The components 232, 234, 236, 240, and 242 of the slave controller 210 are individually known to one of ordinary skill in the art of multi media cards. The slave controller 210 is enhanced by including the extraneous command decoder 238 according to an embodiment of the present invention. FIG. 9 shows a flow-chart of steps performed by the extraneous command decoder 238 according to an embodiment of the present invention.

Operation of the multi media card 200 of FIG. 4 or 230 of FIG. 5 is now described in reference to the flow-charts of FIGS. 7, 8, and 9. Referring to FIGS. 4, 5, and 7, one of the enhanced software drivers 213 through 215 (or 233) receives a request to access a selected memory module (SMM) of the multiple memory modules 206 through 208 (step 252 of FIG. 7) from a respective one of the applications 212 through 214 (or 232). Such an enhanced software driver then determines whether the SMM is a predetermined one of the memory modules 206 through 208 (step 254 of FIG. 7). For example, the enhanced software driver determines whether the SMM is the first memory module 206. Such a feature allows for backward compatibility with prior models of multi media cards that use just one memory module 206.

If the SMM is the first memory module 206, the enhanced software driver then determines whether the command is for a block read/write (step 256 of FIG. 7). Each command has an identifier for that command. For example, six-bits of the 48-bits total for a command may be used for such identification for a possibility of 64 different commands. In the current standard for commands as specified at the web-site http://www.mmca.org, the command for indicating a block length for a block read/write operation is identified as command 16 (CMD16).

If the command is not for CMD16, the enhanced software driver generates the 48-bits of the command (step 258 of FIG. 7) which includes a set of bits for identifying that particular type of command. In addition, another set of bits (such as 32-bits) within the 48-bits total for that command indicates the address in the first memory module 206 that is being accessed for an operation corresponding to the command. The 48-bits of such a command are sent to the slave controller 210 of the multi media card via the MMC host controller 218 and the command pin CMD (step 260 of FIG. 7). The enhanced software driver then enters an idle state 262 until another command is received from one of the applications 212 through 214 (or 232).

Referring back to step 256 of FIG. 7, if the command is CMD16, then the enhanced software driver generates such a command by setting the MSB (most significant bit) of the 32-bits assigned for addressing to a logic low level “0” (step 264 of FIG. 7) to indicate that the first memory module 206 is to be accessed. In addition, the enhanced software driver generates the rest of the 48-bits total of CMD16 including the 6-bits command identifier. Furthermore, the enhanced software driver sets the rest of the 32-bits (aside from the MSB) for addressing to indicate the block length for the block read/write operation (step 266 of FIG. 7).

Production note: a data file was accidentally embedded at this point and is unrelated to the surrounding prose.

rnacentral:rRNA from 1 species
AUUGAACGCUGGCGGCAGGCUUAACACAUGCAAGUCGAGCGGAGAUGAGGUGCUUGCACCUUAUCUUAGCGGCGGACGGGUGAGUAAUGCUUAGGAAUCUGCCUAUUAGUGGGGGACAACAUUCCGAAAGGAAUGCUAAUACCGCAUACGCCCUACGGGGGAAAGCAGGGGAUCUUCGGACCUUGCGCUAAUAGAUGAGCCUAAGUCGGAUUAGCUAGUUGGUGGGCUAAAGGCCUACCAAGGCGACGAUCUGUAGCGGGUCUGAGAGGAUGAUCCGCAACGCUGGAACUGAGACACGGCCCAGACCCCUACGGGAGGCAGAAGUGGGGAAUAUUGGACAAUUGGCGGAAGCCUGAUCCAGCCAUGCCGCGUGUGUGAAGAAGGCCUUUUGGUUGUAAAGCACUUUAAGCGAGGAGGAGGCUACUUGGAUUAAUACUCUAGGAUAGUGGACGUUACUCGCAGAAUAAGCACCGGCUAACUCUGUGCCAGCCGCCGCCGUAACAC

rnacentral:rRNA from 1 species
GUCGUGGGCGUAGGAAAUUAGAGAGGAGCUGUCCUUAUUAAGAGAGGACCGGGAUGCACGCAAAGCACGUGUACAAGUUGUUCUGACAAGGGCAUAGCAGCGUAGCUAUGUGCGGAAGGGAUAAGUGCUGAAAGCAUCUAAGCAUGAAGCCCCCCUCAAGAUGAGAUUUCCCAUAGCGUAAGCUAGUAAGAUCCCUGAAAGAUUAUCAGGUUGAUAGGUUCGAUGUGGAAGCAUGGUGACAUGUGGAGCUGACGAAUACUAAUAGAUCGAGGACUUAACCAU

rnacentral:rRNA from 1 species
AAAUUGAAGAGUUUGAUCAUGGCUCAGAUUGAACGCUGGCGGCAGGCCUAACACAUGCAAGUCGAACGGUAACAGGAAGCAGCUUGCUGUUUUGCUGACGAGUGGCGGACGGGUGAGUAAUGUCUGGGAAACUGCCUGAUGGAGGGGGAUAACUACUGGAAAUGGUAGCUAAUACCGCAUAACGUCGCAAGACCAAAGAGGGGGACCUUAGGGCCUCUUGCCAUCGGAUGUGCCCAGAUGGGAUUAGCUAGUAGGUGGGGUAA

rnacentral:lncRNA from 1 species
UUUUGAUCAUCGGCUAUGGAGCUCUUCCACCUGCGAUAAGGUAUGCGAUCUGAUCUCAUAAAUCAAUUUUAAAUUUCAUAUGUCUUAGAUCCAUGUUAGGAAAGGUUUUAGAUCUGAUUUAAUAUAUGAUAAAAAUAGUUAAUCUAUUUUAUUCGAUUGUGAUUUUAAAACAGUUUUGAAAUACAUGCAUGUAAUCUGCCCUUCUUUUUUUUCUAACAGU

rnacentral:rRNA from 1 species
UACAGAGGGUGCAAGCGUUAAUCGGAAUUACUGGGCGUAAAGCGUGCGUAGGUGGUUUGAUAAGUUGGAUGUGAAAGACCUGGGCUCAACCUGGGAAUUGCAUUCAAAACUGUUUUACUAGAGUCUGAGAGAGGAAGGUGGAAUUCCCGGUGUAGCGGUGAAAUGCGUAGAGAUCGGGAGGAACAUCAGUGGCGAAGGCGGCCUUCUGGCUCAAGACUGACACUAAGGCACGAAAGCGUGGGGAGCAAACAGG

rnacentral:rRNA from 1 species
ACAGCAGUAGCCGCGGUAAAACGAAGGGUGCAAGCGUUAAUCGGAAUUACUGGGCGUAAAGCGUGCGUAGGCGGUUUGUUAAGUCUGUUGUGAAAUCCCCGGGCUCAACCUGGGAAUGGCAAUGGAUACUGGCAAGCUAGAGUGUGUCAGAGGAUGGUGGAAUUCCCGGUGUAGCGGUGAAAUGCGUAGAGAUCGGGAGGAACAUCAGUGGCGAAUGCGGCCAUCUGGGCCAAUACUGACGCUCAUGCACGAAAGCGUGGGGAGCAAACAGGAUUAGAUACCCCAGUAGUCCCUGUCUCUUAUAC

After step 266 in FIG. 7, the 48-bits total of such CMD16 are then sent to the slave controller 210 of the multi media card via the MMC host controller 218 and the command pin CMD (step 260 of FIG. 7). The enhanced software driver then enters an idle state 262 until another command is received from one of the applications 212 through 214 (or 232).

Referring back to step 254 of FIG. 7, if the SMM is not the first module, the enhanced software driver determines whether the command is for a block read/write (step 268 of FIG. 8). If the command is not for a block read/write, the enhanced software driver first generates a CMD16 with the MSB (most significant bit) of the 32-bits for addressing set to a logic high level “1” (step 270 of FIG. 8).

In addition, the rest of the 32-bits (aside from the MSB) for addressing are used by the enhanced software driver to indicate the selected memory module (step 270 of FIG. 8). For example, one of the remaining 31-bits for addressing is set as a hot bit to the logic high level (with the rest of the remaining 31-bits being set to the logic low level) to indicate which one of the memory modules is the selected memory module. Such an example allows for a total of 32 memory modules to be used in the multi media card 204.

Alternatively, the enhanced software driver sets a bit pattern of the remaining 31-bits used for addressing in CMD16 to indicate the selected memory module. In that case, a total of 231 additional memory modules aside from the first memory module 206 may be used on the multi media card 204. In either case, such a generated CMD16 is then sent to the multi media card 204 (step 270 of FIG. 8).